New insights into the gene expression associated to amyotrophic lateral sclerosis

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Abstract

Amyotrophic lateral sclerosis (ALS) is the most prevalent neuromuscular disease worldwide. It is a lethal and progressive neurodegenerative disease, principally affecting motor neurons; patient clinical characteristics are muscle weakness, dysphagia and respiratory failure. The mean age is related to family history (40 years, familial ALS or FALS) or with no family history (50 years), but it is more common in people aged 60–69 years.

The cause of ALS is not known and it is not known yet why it affects some people and not others. However expert consensus is that molecular alterations in different cells are involved in the development and progression of the disease. For example, motor neuron death is caused by a variety of cellular defects, including the processing of RNA molecules, water channels, and calcium levels, increasing evidence that these alterations of cells in the nervous system play an important role in ALS.

Here we will systematically examine different genes (AQP1, SLC14A1, MT1X, DSCR1L1, PCP4, UCHL1, GABRA1, EGR1, OLFM1 and VSNL1) that are “up or down” regulated in the motor cortex and spinal cord and their association with ALS risk. These could be novel biomarkers associated with ALS risk.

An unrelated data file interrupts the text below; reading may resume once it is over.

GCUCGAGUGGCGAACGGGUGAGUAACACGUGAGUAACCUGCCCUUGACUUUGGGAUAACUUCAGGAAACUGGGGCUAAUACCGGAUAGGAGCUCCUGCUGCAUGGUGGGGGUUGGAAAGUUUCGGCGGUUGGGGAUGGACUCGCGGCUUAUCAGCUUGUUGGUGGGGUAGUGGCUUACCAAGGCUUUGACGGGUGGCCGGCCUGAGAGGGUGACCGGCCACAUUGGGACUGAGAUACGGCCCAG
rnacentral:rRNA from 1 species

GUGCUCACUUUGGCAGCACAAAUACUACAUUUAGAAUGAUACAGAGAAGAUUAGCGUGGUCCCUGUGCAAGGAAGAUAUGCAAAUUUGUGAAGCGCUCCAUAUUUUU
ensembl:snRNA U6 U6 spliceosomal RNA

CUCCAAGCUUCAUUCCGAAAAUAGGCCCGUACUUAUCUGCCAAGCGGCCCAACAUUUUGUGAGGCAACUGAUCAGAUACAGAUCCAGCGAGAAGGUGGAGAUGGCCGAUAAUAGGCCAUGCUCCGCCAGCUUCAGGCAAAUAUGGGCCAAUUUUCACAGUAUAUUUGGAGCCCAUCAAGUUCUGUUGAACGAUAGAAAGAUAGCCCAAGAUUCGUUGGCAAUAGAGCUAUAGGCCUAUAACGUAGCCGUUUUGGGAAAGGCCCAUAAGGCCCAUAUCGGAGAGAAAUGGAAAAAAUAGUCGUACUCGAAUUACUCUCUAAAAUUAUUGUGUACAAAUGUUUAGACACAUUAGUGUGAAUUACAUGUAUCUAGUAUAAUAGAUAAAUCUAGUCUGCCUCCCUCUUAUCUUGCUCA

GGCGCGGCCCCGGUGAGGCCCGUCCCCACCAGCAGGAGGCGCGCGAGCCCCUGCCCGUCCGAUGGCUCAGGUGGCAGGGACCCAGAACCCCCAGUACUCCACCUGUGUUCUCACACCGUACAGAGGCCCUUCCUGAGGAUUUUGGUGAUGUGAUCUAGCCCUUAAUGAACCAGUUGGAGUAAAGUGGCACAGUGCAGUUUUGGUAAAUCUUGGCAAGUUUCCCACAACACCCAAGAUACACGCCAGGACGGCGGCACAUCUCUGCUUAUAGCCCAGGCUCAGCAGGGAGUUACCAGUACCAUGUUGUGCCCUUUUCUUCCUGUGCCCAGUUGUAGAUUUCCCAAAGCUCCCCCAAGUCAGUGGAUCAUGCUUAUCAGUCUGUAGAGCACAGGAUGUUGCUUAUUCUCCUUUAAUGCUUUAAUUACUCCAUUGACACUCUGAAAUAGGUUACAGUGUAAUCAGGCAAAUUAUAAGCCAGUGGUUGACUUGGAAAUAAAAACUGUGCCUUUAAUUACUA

We built an interaction Network with Cytoscape, this was used to identify pathways, miRNA and drugs associated to ALS. The most important affected pathway is PI3K-Akt signaling. Thirteen microRNAs (miRNA-19B1, miRNA-107, miRNA-124-1, miRNA-124-2, miRNA-9-2, miRNA-29A, miRNA-9-3, miRNA-328, miRNA-19B2, miRNA-29B2, miRNA-124-3, miRNA-15A and miRNA-9-1) and four drugs (Estradiol, Acetaminophen, Progesterone and resveratrol) for new possible treatments were identified.

Graphical abstract:

Proposed model of neurodegeneration in SALS for ten genes analyzed in this review, we show the possible mechanisms associated with the damage, for example increase in oxidative stress, abnormal calcium homeostasis among other.

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